Mike Missanelli’s Best (and Worst) of Philly Sports
Best coach. Charlie Manuel is the greatest manager in Phillies history. Don’t be fooled by Charlie’s cornpone demeanor; there’s something about this guy that makes his players want to play for him. They know he’s got their backs, but they also know that if they’re not playing right, he’ll put a foot up their backside.
Best recent transaction. The trade of Flyers stars Mike Richards and Jeff Carter. I always thought they liked the spoils of being pro athletes more than actually achieving as pro athletes. Carter won’t have any trouble ruling the nightlife in Columbus, Ohio. But Richards might be a little overmatched; L.A.’s not as sports-crazed as Philly. (Woman in a bar to Richards: “Uh, you play what for who?”)
Best front office. The Phillies and Ruben Amaro Jr. are on the roll of rolls. It takes a lot of balls to convince Dave Montgomery and his group of four fiscally responsible owners to spill their cash bucket to someone like Cliff Lee and give him the sort of long-term contract they never give a pitcher.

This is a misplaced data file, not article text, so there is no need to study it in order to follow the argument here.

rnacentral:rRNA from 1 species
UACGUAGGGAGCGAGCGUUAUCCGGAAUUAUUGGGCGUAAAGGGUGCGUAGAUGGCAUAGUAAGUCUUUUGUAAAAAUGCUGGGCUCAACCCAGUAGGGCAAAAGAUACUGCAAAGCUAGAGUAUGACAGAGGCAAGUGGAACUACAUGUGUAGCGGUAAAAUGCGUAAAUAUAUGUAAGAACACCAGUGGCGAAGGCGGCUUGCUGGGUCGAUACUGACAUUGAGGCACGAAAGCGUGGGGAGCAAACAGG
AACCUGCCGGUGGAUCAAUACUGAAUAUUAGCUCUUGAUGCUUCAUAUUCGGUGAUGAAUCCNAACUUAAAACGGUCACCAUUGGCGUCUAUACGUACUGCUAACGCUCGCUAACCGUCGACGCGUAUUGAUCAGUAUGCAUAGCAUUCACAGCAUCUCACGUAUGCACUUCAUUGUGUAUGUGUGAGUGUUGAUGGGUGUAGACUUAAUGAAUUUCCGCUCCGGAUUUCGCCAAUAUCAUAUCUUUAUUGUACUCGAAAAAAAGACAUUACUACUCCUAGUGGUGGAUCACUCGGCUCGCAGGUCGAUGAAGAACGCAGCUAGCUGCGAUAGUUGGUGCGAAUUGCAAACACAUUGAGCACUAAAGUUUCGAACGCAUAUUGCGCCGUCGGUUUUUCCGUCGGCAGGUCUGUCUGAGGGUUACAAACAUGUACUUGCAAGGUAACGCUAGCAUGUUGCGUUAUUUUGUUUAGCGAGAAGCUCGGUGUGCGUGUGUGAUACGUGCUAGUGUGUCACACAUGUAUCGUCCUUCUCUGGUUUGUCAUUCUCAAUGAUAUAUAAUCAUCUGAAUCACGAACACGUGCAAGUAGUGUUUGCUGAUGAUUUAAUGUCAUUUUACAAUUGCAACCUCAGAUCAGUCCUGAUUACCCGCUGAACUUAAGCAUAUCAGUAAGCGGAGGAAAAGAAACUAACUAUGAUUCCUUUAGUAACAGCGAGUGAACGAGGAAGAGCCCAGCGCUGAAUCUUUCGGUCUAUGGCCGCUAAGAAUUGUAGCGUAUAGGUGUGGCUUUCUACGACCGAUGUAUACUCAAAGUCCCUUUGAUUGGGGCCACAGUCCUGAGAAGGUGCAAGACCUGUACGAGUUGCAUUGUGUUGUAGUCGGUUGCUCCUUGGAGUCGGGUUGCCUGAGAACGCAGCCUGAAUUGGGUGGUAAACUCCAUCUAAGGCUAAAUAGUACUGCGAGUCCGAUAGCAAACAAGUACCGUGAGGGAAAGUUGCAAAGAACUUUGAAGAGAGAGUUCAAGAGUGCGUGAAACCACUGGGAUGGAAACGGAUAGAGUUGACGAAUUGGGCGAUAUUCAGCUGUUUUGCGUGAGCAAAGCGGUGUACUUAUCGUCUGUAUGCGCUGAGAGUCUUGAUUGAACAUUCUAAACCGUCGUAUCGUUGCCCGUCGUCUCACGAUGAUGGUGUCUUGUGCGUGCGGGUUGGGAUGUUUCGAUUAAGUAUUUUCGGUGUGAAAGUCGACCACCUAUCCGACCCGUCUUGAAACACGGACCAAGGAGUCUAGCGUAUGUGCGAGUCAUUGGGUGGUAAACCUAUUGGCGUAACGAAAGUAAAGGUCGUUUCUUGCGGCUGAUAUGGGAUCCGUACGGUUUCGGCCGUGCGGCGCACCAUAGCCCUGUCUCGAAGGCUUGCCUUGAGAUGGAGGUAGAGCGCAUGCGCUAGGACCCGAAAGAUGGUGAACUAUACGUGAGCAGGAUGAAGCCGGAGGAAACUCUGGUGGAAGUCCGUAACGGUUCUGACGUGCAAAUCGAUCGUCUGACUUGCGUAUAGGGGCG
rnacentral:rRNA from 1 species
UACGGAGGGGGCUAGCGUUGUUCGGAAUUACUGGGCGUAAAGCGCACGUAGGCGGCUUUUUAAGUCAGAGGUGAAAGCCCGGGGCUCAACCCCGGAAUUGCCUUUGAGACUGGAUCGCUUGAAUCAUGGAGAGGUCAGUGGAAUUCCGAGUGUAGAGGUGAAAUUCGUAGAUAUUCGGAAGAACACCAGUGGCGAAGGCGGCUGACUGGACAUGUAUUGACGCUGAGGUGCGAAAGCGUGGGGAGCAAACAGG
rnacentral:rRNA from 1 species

Worst nickname. Sergei Bobrovsky of the Flyers. What the hell is “Bob”? Every other player in the NHL has a chummy “-y” or “-ie” at the end of his name. For some reason, with Bobrovsky, they stopped at “Bob.” Why not “Bobby”? I don’t understand hockey.
Best athlete. Bernard Hopkins. He put a crown on his career by beating much-younger Jean Pascal to become light heavyweight champion—and the oldest boxer to ever win a world title.
Worst attitude. Again, Hopkins. The vicious contempt he holds for Donovan McNabb—an African-American who grew up in a two-parent household with many more advantages than Hopkins—is now a little tired. Drop it, B-Hop.
Worst Transformation. As Phillies, John Kruk and Mitch Williams were two of the most ill-mannered, tempestuous athletes I’ve ever seen deal with the media. But now that they’re on TV, they’re both Mr. Personality? There’s something very bothersome about that.
Best meltdown. It’s no great shock that Lenny Dykstra is facing jail time for a variety of alleged financial misdeeds. I once interviewed him in his home. He was coming off a rough season and telling me how he needed to get in better shape. Just then, a housekeeper delivered his breakfast: five sausage links and five strips of bacon. Dykstra flicked the ashes of his lit cigarette into a glass of orange juice and said to me, “Protein, dude.”
This article originally appeared in the August 2011 issue of Philadelphia magazine.